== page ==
As a result of his latest faux pas in Sunday's one-day international, David Warner has been fined by the ICC. "So what?" you might be thinking. Seeing the words "fine", "match referee" and "David Warner" in the same sentence is no more remarkable than observing that the sun has risen this morning at roughly the same time that it did yesterday.

But on this occasion I think the wee fella has been the victim of an injustice. I happen to know that Dave is three weeks into the Shout Hindi With Ravi Shastri course and at the moment has only a tenuous hold on the basics of Hindi-shouting grammar.

Sharing a field with several Hindi speakers therefore offered an ideal opportunity to try on a few irregular verb-noun constructions for size. But while wrestling with the subjunctive case, he found himself struggling to follow what was being said and so asked for a translation. This perfectly innocent request has been sadly misconstrued by the ICC.

Anyone who has tried to learn a foreign language can sympathise. For instance, as a non-Australian speaker, I can remember watching a whole episode of Neighbours in my youth and being none the wiser at the end of it.

It was the same whenever I listened to Glenn McGrath or Merv Hughes or Matthew Hayden mumbling into a post-match microphone. I could generally catch the initial "Ah look", which I believe is Australian for, "I don't really want to talk about this, but if I must I will", but what followed was usually unintelligible, a sort of gruff Klingon vernacular squeezed out of the side of the mouth in the style of an inebriated John Wayne chewing a cigar.

Of course some people have taken the less charitable view that this was just another wearisome episode in the career of a man who, not content with scoring lots of runs, seems to be on a mission to pick a fight with every other professional cricketer on the planet.

Indeed, February will see the release of Dave's I-Spy Book Of Cricket Aggro, a publication aimed at anyone bored with traditional autograph-hunting. If you see an international cricketer - at a match, a disciplinary hearing, or the butcher's - just aim a random insult in his direction and tick off his name in your book (double points if he threatens to break your arm or report you to the ICC.)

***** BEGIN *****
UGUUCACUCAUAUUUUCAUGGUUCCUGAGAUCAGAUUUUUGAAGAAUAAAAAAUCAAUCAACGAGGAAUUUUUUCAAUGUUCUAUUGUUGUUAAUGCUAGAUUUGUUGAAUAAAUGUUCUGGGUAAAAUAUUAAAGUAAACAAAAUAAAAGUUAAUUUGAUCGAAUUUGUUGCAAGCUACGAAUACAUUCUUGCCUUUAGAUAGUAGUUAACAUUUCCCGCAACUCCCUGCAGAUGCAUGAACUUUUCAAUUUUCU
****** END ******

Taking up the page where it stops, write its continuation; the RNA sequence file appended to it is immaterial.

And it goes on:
Whilst it's easy to make fun of Mouthy Dave, Lippy Jimmy, Sulky Virat and the rest, they aren't entirely to blame. Whenever one of their number does something facepalm worthy, the question of "the line" comes up. This "line" is not the same as the ICC playing regulations or the spirit of cricket, but it is frequently invoked as a device for judging whether or not a particular example of stupidity is par for the course or beyond the pale.

But where, exactly, is this line? Who drew the line? Did they use a ruler? Maybe Darren Lehmann can help. If anyone knows where the line is, surely it's the Australian coach:

"We're always going to teeter pretty close to it; we've got to make sure we don't cross it."

But how do you know you've crossed it if you don't know where it is? It seems a bit unfair, like a particularly cruel children's party game called Don't Cross The Line, in which you turn out the lights, draw a line on the carpet, invite the children to move around, then, when the lights go up, send anyone on the wrong side of the line home with no party bag.

So what is a boy like Dave to do? Maybe James Sutherland has the answer:

"Quite simply, he needs to stop looking for trouble. This is the second time he has been before the match referee this season and that's twice too often."

That makes sense. Maybe if cricketers got on with playing cricket instead of behaving like a gaggle of inebriated hooligans looking for a post-pub punch-up, they wouldn't have to worry about the imaginary line. What do you think, Darren?

"David's an aggressive character and we support that."

Well, in that case, I have a suggestion. Next time a player does something crass on the field of play, the ICC should slap his coach with an enormous fine. Perhaps that might concentrate a few minds and enable us to locate the mythical line of acceptable cricket conduct.